Was Patanjali a magical sage? A group of philosophers? Half snake have man (really!)? Nobody really knows but the sutras are possibly as old as 400 CE (wiki). I’ve read that philosophers and authors in those times were rewarded and celebrated for removing even one syllable. So the sutras are dense with meaning. Sutras were traditionally chanted. A lot! In order for the student to memorize each one and meditate upon their meaning. As I have just began to delve into the yoga sutras of Patanjali I’m sure my understanding will change over time as I consider the teachings. I hope you will join my journey!
Patanjali’s yoga sutras make up the foundation of modern yoga practice and include the 8 limbs of ashtanga yoga which include; ethics (relations to others or yama), relations to oneself, posture (asana), freedom of breath (pranayama), freedom of the senses, focus, contemplation, and integration (the last 3 make up meditative practices). The sutras also touch on the patterned tensions of conscious and unconscious life with a goal of possibly unbinding oneself from these happenings. As there are many translations there comes many understandings of what Patanjali was recommending. There is no central authority on what the sutras really mean as they are basically void of an author. I believe the meaning of each sutra is relative to the reader and the culture that she/he is part of. How can we let ancient teachings benefit our modern lives?
This will be a long journey dissecting each sutra (potentially skipping a few). The beauty of philosophy is the teachings are open to contemplate. The practices there to experience. It is up to us to give them meaning.
Satya is the practice being truthful and honest in our thought, speech and action. On the surface this yama may seem straightforward but in reality it requires a constant observance and understanding of the changing nature of our relationships and the world.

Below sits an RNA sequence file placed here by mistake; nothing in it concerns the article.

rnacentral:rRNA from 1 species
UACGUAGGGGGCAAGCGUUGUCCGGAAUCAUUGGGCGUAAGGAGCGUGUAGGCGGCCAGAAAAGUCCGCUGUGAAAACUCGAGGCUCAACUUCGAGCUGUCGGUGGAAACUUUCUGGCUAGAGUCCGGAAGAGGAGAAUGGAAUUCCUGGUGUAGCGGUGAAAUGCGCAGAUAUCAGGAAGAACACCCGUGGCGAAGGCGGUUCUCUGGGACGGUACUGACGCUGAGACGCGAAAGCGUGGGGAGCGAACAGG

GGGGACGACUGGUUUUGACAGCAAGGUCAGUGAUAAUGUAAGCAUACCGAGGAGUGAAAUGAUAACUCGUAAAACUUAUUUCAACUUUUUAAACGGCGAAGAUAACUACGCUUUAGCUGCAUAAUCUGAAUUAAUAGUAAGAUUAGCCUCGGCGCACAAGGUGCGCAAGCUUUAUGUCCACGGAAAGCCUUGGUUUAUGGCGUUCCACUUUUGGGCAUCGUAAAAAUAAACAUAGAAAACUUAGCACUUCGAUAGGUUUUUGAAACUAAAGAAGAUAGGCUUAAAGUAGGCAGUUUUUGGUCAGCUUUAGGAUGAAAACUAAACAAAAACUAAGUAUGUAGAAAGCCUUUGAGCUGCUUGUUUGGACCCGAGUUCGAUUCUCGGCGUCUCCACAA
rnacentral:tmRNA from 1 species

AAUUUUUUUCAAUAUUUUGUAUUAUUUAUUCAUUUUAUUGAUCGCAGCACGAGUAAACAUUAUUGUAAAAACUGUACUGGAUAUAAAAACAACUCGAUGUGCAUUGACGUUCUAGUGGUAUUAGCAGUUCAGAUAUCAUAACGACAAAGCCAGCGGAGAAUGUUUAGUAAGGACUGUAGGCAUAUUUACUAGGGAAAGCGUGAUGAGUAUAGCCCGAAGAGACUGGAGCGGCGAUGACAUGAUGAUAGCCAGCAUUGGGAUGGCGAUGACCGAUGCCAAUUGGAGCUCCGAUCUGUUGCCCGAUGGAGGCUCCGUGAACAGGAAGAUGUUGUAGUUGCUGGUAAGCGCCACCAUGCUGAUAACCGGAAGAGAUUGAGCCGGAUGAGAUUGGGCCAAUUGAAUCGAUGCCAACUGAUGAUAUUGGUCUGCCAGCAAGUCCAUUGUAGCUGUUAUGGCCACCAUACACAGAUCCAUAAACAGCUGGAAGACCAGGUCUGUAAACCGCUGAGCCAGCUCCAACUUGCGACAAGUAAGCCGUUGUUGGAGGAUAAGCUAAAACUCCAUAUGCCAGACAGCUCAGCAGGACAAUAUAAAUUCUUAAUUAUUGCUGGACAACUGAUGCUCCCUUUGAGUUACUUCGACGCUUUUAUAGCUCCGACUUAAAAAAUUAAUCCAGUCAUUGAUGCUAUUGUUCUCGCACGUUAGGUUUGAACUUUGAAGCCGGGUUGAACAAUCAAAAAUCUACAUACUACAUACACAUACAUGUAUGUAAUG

The definition of truth is “the true or actual state of a matter” or “conformity with fact or reality”. Interestingly if matter and reality are in constant state of fluctuation and change truth will be relative to each circumstance and situation. So to grasp at the idea of truth or honesty our yoga must be a spiritual practice that is rooted in a constant exploration of the present.
I love the idea of a practice that doesn’t state right or wrong or a single path but gives an idea that is relative to the individual, community, culture and causation of our surroundings. Every person has an opinion and values developed throughout life. Satya challenges us to investigate our motives. In his book Yoga for a World out of Balance Michael Stone points out the connection between person and society
“From the time of our birth, we each respond not only in a personal sense to the precariousness of our human condition, but we are also the inheritors of delusive social institutions and shared meanings about the world. The same basic patterns we find in our minds and bodies are also found in the structure and function of our institutions.”
I like how Michael Stone challenges the reader to consider how contemporary society can warp our worldviews and potentially corrupt us into living untruthful lives. The social and economic pressures of modern life make us think that success, financial gain and consumerism is equivalent to life satisfaction but this is ultimately a lie. At our deepest core we yearn for love, community and compassion. Yoga practice, meditation, pranayama, and asana all bring us closer to our true needs rather than our conditioned desires. The yama satya prompts us to investigate our desires and how we can live aligned with our highest truth.
What does living honestly mean to you?
by Sean O'Leary
This Friday night, Live Yoga is starting “Dharma Nights,” which Amy and I are very excited to offer. This is an opportunity for members of the studio and other friends to talk, discuss, come together and create community. Community: something that I believe we are fundamentally missing in our lives. Click here for more info.
This Friday, we discuss community as a topic. What is it? Why is it missing? Where did it go? How do we get it back? How can are our lives be more meaningful and connected?